As Paul wrote it in Philippians 1:21, “For to me to live is Christ, and to die is a gain.” If for me to live is money, to die is a loss. If for me to live is pleasure, to die is a loss. If for me to live in sin, to die is a loss. If for me to live in this world, to die is a loss. If for me to live is ambition, to die is a loss. If for me to live is fame or glory, to die is a loss. But if for me to live is Christ, to die is a gain! [Philippians 1:21].
That’s what He has done for me. That’s the case for Christ, He did that. Isn’t that in His favor? Aren’t these wonderful things? Aren’t they glorious things? And what we’ve said tonight, three of them, you could stand up—each one of you—and say a half-a-dozen more. This is what He has done for me; the case for Christ; the blessedness of Jesus. O Lord, more of Him—more of Him—more—more about Him.
Now before we go off this air, I want to make an invitation. If you’ve been listening on the radio and you’ve been battling in your heart, maybe about the things of Jesus, decide for Him tonight. He will bring life and light and immortality to your soul [2 Timothy 1:10]. Take Him tonight. Accept Him tonight. You may be driving along in a car; bow your head over that wheel, pull to the side, and tell God all about it. You may be in the bedroom at home, or in the living room. Some of you may be out here in a club, seated in one those big halls. Wherever you are, if Jesus knocks at the door of your heart [Revelation 3:20], say, “Lord, come in, and welcome.” And the great throng that fills this auditorium here tonight, giving your heart to Jesus, or putting your life with us in the fellowship of this precious church, as the Spirit Himself shall make the appeal, come. Do it tonight. Make the decision now in your heart, and in a moment when we stand up to sing, stand up, coming down one of these stairways, or into the aisle and down to the front: “Here I am, pastor. I make it now.” Do it. God bless you in the way. Angels attend you as you come, while we stand and while we sing.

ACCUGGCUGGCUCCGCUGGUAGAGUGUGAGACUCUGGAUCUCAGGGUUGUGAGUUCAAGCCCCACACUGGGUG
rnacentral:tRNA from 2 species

I. He has been repudiated by so many
A. In His home city of
Nazareth (Mark 6:3)
B. By the Capernaum
multitudes (John 6:66-67)
C. In Gadara (Mark 5:1-17)
the New Testament
the Roman persecution
our modern day and hour
The communist world; all religions of the world (Lamentations
The materialist, hedonist
The intellectual world
II. The case for Christ
A. Wherever gospel is
preached, there is a heavenly blessing (Matthew
orphans’ homes, womanhood honored
2. Mr. and Mrs.
B. Wherever anyone
becomes a Christian, they are liberated (Luke 7:36-50)
1. Farmer with a
2. Blind man
healed (John 9:24-25)
C. What He has done for
(John 1:1-4, Psalm 19:1)